There are well over 100 x F-35 in service now with the aircrew of 3 nations and 6 services. The aircrew and engineers from those services - including the RN - are immensely enthusiastic. Perhaps the USAF, USN, USMC, RAF, RN, RNLAF are all wrong and people with no relevant experience of military aviation are correct. But I suspect not.

compared to the Harrier the F35B's 470nm's strike range on internal fuel versus a Harrier that could barely reach 250nm's with a couple of bombs and required drop tanks to do it. maximum weapons take off weight (carrier) F35B 15,000lbs Sea Harrier 4.000lbs.

I no im got going to change your mind on the F35. So no matter if i copy what the people who deal with the plane say you will still think its rubbish plane. so we'll just have to wait until 2020 to see exactly how good or Bad the F35B is. and not long after than im sure we'll see it in action for real.

weapons. impressive.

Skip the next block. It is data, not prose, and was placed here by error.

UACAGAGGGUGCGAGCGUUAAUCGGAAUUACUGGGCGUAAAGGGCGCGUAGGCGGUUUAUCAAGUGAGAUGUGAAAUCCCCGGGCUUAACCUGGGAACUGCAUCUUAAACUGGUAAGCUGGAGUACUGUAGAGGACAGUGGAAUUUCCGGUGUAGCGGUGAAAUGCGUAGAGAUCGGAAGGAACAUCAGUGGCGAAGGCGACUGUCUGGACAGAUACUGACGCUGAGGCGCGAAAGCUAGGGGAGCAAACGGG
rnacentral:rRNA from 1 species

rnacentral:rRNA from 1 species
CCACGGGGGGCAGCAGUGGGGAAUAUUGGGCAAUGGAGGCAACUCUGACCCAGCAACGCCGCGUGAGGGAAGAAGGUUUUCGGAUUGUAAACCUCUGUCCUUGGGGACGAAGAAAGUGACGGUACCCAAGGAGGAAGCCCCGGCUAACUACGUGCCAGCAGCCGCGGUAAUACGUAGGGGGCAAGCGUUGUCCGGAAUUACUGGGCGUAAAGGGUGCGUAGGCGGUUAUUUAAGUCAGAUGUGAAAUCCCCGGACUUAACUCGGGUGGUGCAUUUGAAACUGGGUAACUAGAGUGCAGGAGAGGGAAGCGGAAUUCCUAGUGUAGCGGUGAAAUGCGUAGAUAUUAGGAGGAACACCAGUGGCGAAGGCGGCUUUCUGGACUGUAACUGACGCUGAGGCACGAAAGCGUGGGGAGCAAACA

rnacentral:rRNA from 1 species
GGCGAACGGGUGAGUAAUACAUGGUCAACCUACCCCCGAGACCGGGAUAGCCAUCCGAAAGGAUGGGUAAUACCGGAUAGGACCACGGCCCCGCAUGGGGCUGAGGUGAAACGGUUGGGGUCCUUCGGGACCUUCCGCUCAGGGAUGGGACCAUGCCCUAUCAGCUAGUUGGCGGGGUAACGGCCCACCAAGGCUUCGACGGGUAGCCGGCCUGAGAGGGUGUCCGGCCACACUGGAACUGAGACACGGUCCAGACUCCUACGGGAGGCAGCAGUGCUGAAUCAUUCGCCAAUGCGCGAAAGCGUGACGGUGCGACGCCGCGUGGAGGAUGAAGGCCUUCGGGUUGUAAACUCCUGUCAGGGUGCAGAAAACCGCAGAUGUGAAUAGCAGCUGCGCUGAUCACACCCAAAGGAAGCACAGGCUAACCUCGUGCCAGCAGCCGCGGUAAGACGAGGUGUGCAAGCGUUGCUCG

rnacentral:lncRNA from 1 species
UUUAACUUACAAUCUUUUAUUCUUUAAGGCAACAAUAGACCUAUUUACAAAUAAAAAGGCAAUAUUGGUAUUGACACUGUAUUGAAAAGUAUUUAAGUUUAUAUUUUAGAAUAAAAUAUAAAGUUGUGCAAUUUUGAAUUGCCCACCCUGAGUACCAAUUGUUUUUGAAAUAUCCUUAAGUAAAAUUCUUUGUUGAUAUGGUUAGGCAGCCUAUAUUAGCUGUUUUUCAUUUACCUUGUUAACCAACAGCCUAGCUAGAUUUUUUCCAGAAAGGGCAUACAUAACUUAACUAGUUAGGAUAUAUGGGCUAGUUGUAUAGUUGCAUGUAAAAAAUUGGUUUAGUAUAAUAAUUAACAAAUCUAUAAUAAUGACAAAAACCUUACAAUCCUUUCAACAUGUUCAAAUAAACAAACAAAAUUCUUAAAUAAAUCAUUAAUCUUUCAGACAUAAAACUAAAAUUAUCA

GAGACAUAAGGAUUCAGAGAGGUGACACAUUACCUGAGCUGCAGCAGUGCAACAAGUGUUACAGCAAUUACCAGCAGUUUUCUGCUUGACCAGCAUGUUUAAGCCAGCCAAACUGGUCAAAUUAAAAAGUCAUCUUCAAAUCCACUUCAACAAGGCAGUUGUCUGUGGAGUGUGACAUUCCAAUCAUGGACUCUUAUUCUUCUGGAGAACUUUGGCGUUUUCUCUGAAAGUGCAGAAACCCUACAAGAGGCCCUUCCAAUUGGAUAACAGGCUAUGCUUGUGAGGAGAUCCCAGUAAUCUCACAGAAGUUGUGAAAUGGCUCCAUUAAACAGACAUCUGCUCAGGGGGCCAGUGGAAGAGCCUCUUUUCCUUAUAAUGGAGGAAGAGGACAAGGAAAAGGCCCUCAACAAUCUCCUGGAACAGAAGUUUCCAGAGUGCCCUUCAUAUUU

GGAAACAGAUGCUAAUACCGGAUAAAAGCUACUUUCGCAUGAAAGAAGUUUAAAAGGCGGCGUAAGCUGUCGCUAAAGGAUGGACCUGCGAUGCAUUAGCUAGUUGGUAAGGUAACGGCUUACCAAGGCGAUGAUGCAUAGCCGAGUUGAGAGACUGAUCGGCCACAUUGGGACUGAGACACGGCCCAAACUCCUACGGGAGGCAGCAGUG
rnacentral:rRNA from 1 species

You've convinced me to an extent actually. It's cheaper not to refit your carriers. And it's better than Harrier, I wasn't being facetious when I said that. But much of the capabilities you're listing here are systems that can be fitted on other aircraft. And no matter how good they are on paper, they have to perform. When you're putting stresses and impacts on the airframe you can't have sensitive computer electronics malfunctioning. Repeated flight testing is the only way to know for sure. The main reason why our front-line fighter jets are still using ancient computers from the '80s is because they're built like tanks and can withstand the punishment of flight.